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TurboFlow: Integrated Engineering Design through an Energy Efficient Building Competition

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2012 ASEE Annual Conference & Exposition


San Antonio, Texas

Publication Date

June 10, 2012

Start Date

June 10, 2012

End Date

June 13, 2012



Conference Session

Active and Project-based Learning

Tagged Division

Mechanical Engineering

Page Count


Page Numbers

25.1380.1 - 25.1380.10



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Paper Authors


Tony Lee Kerzmann Robert Morris University Orcid 16x16

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Tony Kerzmann received both a bachelor's of arts in physics from Duquesne University and a bachelor's of science in mechanical engineering from the University of Pittsburgh in 2004. After graduating, Kerzmann enrolled in graduate school at the University of Pittsburgh, where he graduated with a master's of science and a doctorate of philosophy in mechanical engineering in 2007 and 2010, respectively. Kerzmann is currently an Assistant Professor at Robert Morris University, where he teaches mechanical engineering courses, as well as courses on alternative energy. His research interests include hybrid concentrating photovoltaic systems, energy system life cycle assessment, renewable energy product development, and active learning.

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Eugene Joseph Werner Jr. GAI Consultants, Inc.

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Eugene Joseph Werner, Jr., is a recent graduate of Robert Morris University, May 2011. He is currently working for GAI Consultants in the Mechanical/Electrical Department and is a member of ASME.

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TurboFlow - Integrated Engineering Design Through an Energy Efficient Building CompetitionAbstractStudents learn best when there is interest in the topic and what better way to induceinterest than to couple classroom theory with real-world application in the form of acompetition. Senior engineering students at Robert Morris University established adesign team to compete in the annual Energy Efficient Building Technologies Challengewhich is sponsored by the Mascaro Center for Sustainable Innovation. The students werenot only excited to be a part of a design competition that rewarded a cash prize, but therewas a remarkable level of enthusiasm associated with the sustainability aspect of thedesign project.The Energy Efficient Building Technologies Challenge was held over the Fall and Springsemesters of the 2010-2011 school year. During the fall semester the design teamdeveloped an idea for the competition and submitted a proposal. After being acceptedinto Stage 2 of the competition, the students designed, analyzed and fabricated the“TurboFlow” generation device for their Integrated Engineering and Design course. Thisprototype was demonstrated for the competition and the design team won first place, witha $5000 cash prize. Because of the competition, the design team went above and beyondthe classroom expectations to design, analyze, fabricate and demonstrate a device withconsiderable market potential. The students not only analyzed the TurboFlow from anengineering standpoint, but from economic and sustainability standpoints as well. Thefamous saying, “Competition Breeds Excellence,” could not be more true for this groupof students.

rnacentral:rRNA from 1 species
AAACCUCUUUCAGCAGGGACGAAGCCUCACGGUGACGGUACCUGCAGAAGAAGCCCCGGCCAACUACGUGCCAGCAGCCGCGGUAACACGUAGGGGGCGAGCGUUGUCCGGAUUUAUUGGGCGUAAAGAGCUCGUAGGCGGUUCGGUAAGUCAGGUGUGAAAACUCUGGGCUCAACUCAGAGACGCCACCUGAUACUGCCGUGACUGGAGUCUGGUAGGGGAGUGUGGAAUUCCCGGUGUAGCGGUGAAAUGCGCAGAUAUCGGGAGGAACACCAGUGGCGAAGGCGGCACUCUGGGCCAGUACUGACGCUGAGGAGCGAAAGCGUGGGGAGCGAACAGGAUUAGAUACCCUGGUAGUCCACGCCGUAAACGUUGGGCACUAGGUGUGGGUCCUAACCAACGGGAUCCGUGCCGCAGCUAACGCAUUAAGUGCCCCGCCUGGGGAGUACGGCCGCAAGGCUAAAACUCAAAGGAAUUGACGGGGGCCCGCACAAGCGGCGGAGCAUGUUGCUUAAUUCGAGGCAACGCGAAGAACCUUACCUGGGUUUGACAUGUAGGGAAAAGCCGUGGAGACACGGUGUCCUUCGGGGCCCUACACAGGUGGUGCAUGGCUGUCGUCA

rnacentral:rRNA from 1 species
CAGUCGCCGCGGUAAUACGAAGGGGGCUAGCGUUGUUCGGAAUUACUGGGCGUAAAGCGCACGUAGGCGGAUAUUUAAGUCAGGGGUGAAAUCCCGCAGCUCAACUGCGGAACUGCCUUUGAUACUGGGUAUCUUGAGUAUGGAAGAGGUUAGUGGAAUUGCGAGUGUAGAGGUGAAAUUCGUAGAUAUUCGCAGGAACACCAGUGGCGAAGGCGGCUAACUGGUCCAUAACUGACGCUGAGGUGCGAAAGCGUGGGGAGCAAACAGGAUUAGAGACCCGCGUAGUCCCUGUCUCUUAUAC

Kerzmann, T. L., & Werner, E. J. (2012, June), TurboFlow: Integrated Engineering Design through an Energy Efficient Building Competition Paper presented at 2012 ASEE Annual Conference & Exposition, San Antonio, Texas. 10.18260/1-2--22137

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